[show abstract][hide abstract] ABSTRACT: We present a theory for the elasticity of cross-linked stiff polymer networks. Stiff polymers, unlike their flexible counterparts, are highly anisotropic elastic objects. Similar to mechanical beams, stiff polymers easily deform in bending, while they are much stiffer with respect to tensile forces ("stretching"). Unlike in previous approaches, where network elasticity is derived from the stretching mode, our theory properly accounts for the soft bending response. A self-consistent effective medium approach is used to calculate the macroscopic elastic moduli starting from a microscopic characterization of the deformation field in terms of "floppy modes"-low-energy bending excitations that retain a high degree of nonaffinity. The length scale characterizing the emergent nonaffinity is given by the "fiber length" lf, defined as the scale over which the polymers remain straight. The calculated scaling properties for the shear modulus are in excellent agreement with the results of recent simulations obtained in two-dimensional model networks. Furthermore, our theory can be applied to rationalize bulk rheological data in reconstituted actin networks.
[show abstract][hide abstract] ABSTRACT: We demonstrate that a semiflexible bundle of wormlike chains exhibits a state-dependent bending stiffness that alters fundamentally its scaling behavior with respect to the standard wormlike chain. We explore the equilibrium conformational and mechanical behavior of wormlike bundles in isolation, in cross-linked networks, and in solution.
[show abstract][hide abstract] ABSTRACT: We study the elasticity of cross-linked networks of thermally fluctuating stiff polymers. As compared to their purely mechanical counterparts, it is shown that these thermal networks have a qualitatively different elastic response. By accounting for the entropic origin of the single-polymer elasticity, the networks acquire a strong susceptibility to polydispersity and structural randomness that is completely absent in athermal models. In extensive numerical studies we systematically vary the architecture of the networks and identify a wealth of phenomena that clearly show the strong dependence of the emergent macroscopic moduli on the underlying mesoscopic network structure. In particular, we highlight the importance of the polymer length, which to a large extent controls the elastic response of the network, surprisingly, even in parameter regions where it does not enter the macroscopic moduli explicitly. Understanding these subtle effects is only possible by going beyond the conventional approach that considers the response of typical polymer segments only. Instead, we propose to describe the elasticity in terms of a typical polymer filament and the spatial distribution of cross-links along its backbone. We provide theoretical scaling arguments to relate the observed macroscopic elasticity to the physical mechanisms on the microscopic and mesoscopic scales.
[show abstract][hide abstract] ABSTRACT: We study the elasticity of random fiber networks. Starting from a microscopic picture of the nonaffine deformation fields, we calculate the macroscopic elastic moduli both in a scaling theory and a self-consistent effective medium theory. By relating nonaffinity to the low-energy excitations of the network ("floppy modes"), we achieve a detailed characterization of the nonaffine deformations present in fibrous networks.
[show abstract][hide abstract] ABSTRACT: F-actin bundles constitute principal components of a multitude of cytoskeletal processes including stereocilia, filopodia, microvilli, neurosensory bristles, cytoskeletal stress fibers, and the sperm acrosome. The bending, buckling, and stretching behaviors of these processes play key roles in cellular functions ranging from locomotion to mechanotransduction and fertilization. Despite their central importance to cellular function, F-actin bundle mechanics remain poorly understood. Here, we demonstrate that bundle bending stiffness is a state-dependent quantity with three distinct regimes that are mediated by bundle dimensions in addition to crosslink properties. We calculate the complete state-dependence of the bending stiffness and elucidate the mechanical origin of each. A generic set of design parameters delineating the regimes in state-space is derived and used to predict the bending stiffness of a variety of F-actin bundles found in cells. Finally, the broad and direct implications that the isolated state-dependence of F-actin bundle stiffness has on the interpretation of the bending, buckling, and stretching behavior of cytoskeletal bundles is addressed.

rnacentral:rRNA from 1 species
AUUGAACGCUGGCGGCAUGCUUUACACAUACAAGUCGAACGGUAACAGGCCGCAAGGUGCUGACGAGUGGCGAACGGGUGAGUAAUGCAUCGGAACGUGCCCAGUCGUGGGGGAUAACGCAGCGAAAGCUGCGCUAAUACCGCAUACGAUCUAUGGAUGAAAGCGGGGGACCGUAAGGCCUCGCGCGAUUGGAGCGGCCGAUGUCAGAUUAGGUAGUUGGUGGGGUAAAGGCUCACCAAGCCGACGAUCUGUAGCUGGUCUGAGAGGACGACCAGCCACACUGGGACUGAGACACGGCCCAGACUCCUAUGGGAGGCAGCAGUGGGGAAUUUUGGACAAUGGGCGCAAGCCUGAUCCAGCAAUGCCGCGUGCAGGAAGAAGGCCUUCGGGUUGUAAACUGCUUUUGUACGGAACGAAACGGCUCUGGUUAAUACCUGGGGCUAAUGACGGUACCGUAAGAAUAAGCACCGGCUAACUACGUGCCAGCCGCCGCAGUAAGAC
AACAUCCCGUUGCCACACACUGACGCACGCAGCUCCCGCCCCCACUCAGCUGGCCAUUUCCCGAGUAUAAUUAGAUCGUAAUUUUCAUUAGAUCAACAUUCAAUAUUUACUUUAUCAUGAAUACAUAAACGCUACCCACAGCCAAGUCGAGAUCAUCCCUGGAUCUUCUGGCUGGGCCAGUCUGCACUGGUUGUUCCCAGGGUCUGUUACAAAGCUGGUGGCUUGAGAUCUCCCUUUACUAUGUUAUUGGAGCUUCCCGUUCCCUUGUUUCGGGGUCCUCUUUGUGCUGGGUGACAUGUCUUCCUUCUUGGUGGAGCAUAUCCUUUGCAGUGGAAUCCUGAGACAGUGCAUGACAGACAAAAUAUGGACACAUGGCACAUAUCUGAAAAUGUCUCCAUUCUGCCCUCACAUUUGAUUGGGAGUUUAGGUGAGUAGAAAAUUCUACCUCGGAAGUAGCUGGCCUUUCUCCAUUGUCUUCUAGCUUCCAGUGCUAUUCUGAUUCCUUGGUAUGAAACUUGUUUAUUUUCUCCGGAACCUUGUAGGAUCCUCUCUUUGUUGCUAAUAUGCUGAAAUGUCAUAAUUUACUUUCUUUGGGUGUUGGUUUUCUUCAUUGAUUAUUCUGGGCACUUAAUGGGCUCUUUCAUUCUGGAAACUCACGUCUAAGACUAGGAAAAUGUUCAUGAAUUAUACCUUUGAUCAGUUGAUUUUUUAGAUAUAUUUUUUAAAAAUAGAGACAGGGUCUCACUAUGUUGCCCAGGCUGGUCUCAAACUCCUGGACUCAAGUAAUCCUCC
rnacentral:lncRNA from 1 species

[show abstract][hide abstract] ABSTRACT: We study the elasticity of fibrous materials composed of generalized stiff polymers. It is shown that, in contrast to cellular foam-like structures, affine strain fields are generically unstable. Instead, a subtle interplay between the architecture of the network and the elastic properties of its building blocks leads to intriguing mechanical properties with intermediate asymptotic scaling regimes. We present exhaustive numerical studies based on a finite element method complemented by scaling arguments.
[show abstract][hide abstract] ABSTRACT: The elastic response of cross-linked biopolymer networks is usually interpreted in terms of affine stretching models, adopted from the theory of rubber-elasticity valid for flexible polymer gels. Unlike flexible polymers, however, stiff polymers have a highly anisotropic elastic response, where the low-energy elastic excitations are actually of bending nature. As a consequence, similar to springs connected in series, one would expect the softer bending mode to dominate the elastic energy rather than the stiff stretching mode. We propose a theory that, unlike recent affine models, properly accounts for the soft bending response of stiff polymers. It allows calculating the macroscopic elastic moduli starting from a microscopic characterization of the (non-affine) deformation field. The calculated scaling properties for the shear modulus are in excellent agreement with the results of recent simulations obtained in simple two-dimensional model networks, and can also be applied to rationalize bulk rheological data in reconstituted actin networks.
[show abstract][hide abstract] ABSTRACT: Bundles formed from semiflexible polymers are ubiquitous in nature (e.g. filopodia) and many areas of technology (e.g. carbon nanotube bundles). Despite their simple structure, their mechanical and dynamical properties are only poorly understood. We set up an elastic energy functional that allows characterizing the dynamical and statistical mechanical properties of polymer bundles, in much the same way as the standard worm-like chain model (WLC) does for single polymers. The key result of our analysis is that bundles must be characterized by a wave-number dependent persistence length lp(q) instead of just a single q-independent value. This finding is shown to have dramatic consequences not only on the static and dynamic fluctuation spectrum of an isolated bundle but also on the scaling behaviour of their entangled solutions as well as their cross-linked networks.